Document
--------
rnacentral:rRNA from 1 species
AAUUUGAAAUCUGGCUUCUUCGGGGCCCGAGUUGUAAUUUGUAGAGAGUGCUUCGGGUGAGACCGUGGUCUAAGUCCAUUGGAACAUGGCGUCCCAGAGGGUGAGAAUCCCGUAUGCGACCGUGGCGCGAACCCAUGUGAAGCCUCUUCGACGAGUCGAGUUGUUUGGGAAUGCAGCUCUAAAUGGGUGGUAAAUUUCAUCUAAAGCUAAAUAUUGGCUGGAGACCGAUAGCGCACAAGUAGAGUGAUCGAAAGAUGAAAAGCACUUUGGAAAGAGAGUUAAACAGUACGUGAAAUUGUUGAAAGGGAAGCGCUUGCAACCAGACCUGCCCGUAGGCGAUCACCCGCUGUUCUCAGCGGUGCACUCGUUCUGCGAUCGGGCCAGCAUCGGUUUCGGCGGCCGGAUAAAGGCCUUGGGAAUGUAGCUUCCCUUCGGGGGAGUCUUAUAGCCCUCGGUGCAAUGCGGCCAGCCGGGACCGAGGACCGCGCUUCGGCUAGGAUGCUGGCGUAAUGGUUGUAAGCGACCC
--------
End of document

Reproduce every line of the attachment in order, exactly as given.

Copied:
rnacentral:rRNA from 1 species
AAUUUGAAAUCUGGCUUCUUCGGGGCCCGAGUUGUAAUUUGUAGAGAGUGCUUCGGGUGAGACCGUGGUCUAAGUCCAUUGGAACAUGGCGUCCCAGAGGGUGAGAAUCCCGUAUGCGACCGUGGCGCGAACCCAUGUGAAGCCUCUUCGACGAGUCGAGUUGUUUGGGAAUGCAGCUCUAAAUGGGUGGUAAAUUUCAUCUAAAGCUAAAUAUUGGCUGGAGACCGAUAGCGCACAAGUAGAGUGAUCGAAAGAUGAAAAGCACUUUGGAAAGAGAGUUAAACAGUACGUGAAAUUGUUGAAAGGGAAGCGCUUGCAACCAGACCUGCCCGUAGGCGAUCACCCGCUGUUCUCAGCGGUGCACUCGUUCUGCGAUCGGGCCAGCAUCGGUUUCGGCGGCCGGAUAAAGGCCUUGGGAAUGUAGCUUCCCUUCGGGGGAGUCUUAUAGCCCUCGGUGCAAUGCGGCCAGCCGGGACCGAGGACCGCGCUUCGGCUAGGAUGCUGGCGUAAUGGUUGUAAGCGACCC